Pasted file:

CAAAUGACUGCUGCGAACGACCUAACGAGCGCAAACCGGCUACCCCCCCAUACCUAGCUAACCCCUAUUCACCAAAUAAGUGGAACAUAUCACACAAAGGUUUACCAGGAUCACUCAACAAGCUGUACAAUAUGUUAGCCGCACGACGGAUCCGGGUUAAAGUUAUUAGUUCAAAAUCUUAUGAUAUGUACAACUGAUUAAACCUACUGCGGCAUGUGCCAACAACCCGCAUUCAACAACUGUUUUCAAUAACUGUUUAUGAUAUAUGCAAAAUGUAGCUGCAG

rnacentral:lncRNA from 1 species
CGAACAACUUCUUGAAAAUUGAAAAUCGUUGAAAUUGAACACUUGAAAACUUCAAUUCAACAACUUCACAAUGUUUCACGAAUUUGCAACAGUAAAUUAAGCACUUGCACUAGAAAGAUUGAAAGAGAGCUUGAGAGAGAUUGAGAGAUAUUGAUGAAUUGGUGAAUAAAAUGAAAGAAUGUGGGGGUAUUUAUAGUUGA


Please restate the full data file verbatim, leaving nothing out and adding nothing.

CAAAUGACUGCUGCGAACGACCUAACGAGCGCAAACCGGCUACCCCCCCAUACCUAGCUAACCCCUAUUCACCAAAUAAGUGGAACAUAUCACACAAAGGUUUACCAGGAUCACUCAACAAGCUGUACAAUAUGUUAGCCGCACGACGGAUCCGGGUUAAAGUUAUUAGUUCAAAAUCUUAUGAUAUGUACAACUGAUUAAACCUACUGCGGCAUGUGCCAACAACCCGCAUUCAACAACUGUUUUCAAUAACUGUUUAUGAUAUAUGCAAAAUGUAGCUGCAG

rnacentral:lncRNA from 1 species
CGAACAACUUCUUGAAAAUUGAAAAUCGUUGAAAUUGAACACUUGAAAACUUCAAUUCAACAACUUCACAAUGUUUCACGAAUUUGCAACAGUAAAUUAAGCACUUGCACUAGAAAGAUUGAAAGAGAGCUUGAGAGAGAUUGAGAGAUAUUGAUGAAUUGGUGAAUAAAAUGAAAGAAUGUGGGGGUAUUUAUAGUUGA